Your Mobile App Is Not Taking Off? Blame The Platform Owners
As we all know, the mobile app industry is so big they actually created a whole new industry and segment called "The App Economy". The market ecosystem simply consists of platform owners, developers and of course the users. Tens of millions of apps has been submitted to the marketplace, millions of them are now ready to be download by users, but only a fracture got the chance to survive. And a big part of this is the platform owner's fault.
App marketplace have three main task: curation, distribution and discovery. They curate and filter the apps in order to kick the bad apps from the marketplace and make sure users feel safe downloading these apps. Some marketplace like Apple's App Store is very strongly controlled with high standards, while some marketplace such as Google Play is more loosely filtered.
Distribution-wise, I think all platform owners are trying very hard to sell devices and get their platform to more users.
But nowadays, all marketplace have the same problem in which only the app developers can see: discovery. For the past few months, a lot of developers are trying hard to get their app featured on the marketplace's frontpage using their personal connection to the platform owners, some even don't mind paying to get under the spotlight.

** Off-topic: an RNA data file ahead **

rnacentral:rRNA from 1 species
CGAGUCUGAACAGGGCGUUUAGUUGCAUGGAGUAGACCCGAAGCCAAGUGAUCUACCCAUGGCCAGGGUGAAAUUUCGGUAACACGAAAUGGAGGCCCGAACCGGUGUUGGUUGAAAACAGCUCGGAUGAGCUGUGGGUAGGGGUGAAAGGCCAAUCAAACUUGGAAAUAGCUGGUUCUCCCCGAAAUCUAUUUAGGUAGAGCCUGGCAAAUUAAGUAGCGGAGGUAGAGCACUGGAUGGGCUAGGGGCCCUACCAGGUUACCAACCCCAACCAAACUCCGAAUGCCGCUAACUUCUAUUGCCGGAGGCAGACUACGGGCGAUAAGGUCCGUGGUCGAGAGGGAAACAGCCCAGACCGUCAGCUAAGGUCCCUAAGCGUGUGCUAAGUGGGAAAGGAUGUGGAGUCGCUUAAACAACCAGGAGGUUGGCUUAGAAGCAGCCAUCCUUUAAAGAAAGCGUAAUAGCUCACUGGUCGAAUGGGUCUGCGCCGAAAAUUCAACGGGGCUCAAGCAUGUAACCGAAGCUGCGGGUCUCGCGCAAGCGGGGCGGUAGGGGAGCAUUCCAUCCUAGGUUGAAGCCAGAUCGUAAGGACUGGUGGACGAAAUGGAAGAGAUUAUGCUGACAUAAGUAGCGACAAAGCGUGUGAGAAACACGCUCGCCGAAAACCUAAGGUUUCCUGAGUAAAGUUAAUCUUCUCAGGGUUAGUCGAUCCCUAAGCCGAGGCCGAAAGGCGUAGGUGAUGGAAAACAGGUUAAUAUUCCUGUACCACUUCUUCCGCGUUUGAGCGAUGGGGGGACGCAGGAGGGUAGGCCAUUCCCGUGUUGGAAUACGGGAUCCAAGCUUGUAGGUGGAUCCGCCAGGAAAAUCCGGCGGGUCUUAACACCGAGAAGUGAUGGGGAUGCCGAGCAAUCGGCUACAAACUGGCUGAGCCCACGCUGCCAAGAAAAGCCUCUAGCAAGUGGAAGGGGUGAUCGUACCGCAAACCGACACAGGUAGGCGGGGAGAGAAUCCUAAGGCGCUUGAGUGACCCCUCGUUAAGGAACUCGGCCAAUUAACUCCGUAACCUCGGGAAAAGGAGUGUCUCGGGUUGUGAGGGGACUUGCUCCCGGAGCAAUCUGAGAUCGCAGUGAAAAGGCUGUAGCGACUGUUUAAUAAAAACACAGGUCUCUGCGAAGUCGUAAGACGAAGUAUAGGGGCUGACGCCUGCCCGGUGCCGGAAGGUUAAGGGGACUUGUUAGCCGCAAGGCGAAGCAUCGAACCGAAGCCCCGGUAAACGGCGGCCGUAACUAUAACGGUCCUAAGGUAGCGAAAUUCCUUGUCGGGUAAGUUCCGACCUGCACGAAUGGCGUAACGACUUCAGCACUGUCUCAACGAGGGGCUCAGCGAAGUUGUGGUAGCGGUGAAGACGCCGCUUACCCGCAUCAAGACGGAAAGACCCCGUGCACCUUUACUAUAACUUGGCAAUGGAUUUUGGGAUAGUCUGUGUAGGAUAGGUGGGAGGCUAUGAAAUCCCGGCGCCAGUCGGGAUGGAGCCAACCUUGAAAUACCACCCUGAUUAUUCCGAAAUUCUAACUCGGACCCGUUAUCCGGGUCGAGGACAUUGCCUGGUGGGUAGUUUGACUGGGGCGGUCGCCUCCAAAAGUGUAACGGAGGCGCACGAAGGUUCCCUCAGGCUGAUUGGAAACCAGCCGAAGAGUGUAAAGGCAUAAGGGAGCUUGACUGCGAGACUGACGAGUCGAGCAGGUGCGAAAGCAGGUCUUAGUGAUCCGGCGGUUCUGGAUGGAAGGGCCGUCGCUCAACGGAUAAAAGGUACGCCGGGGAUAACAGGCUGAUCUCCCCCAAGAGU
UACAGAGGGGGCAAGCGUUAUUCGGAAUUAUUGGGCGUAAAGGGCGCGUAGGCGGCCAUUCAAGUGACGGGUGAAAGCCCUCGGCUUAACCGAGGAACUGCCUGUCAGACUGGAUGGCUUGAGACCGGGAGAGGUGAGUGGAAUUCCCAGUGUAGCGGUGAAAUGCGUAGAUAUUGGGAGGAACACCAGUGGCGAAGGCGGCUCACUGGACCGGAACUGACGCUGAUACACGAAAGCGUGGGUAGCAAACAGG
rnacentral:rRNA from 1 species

Their objective is to get their app to be featured on the frontpage of the marketplace. They can always use other methods to promote their apps outside of the marketplace, but that means that the marketplace is not doing one of its main job. Nobody's going to go as deep as the 10th page on the search result to find cool apps, they look on the frontpage and MAYBE the 2nd and 3rd page. It's different if the user knows exactly what they're looking for, they can always search and find the app.
This situation is similar to Hollywood's film industry, where a movie is counting on the earnings on the first weekend of premiere. It's "Make it or break it" game. Of course there's always an exception, but generally speaking, if an app doesn't get enough downloads in the first month or so since they launched, they are done. And not necessarily because their app suck, in some cases they just don't get enough people discover their app.
From the platform owner's side, of course it's hard to promote all the hundreds of apps under their platform but whoever can crack the code and give developers the same fighting chance as another can gain the support from developers. In this game, it's better to have hundreds of developers making hundreds of thousands of dollars, rather than 5 developers making millions of dollars.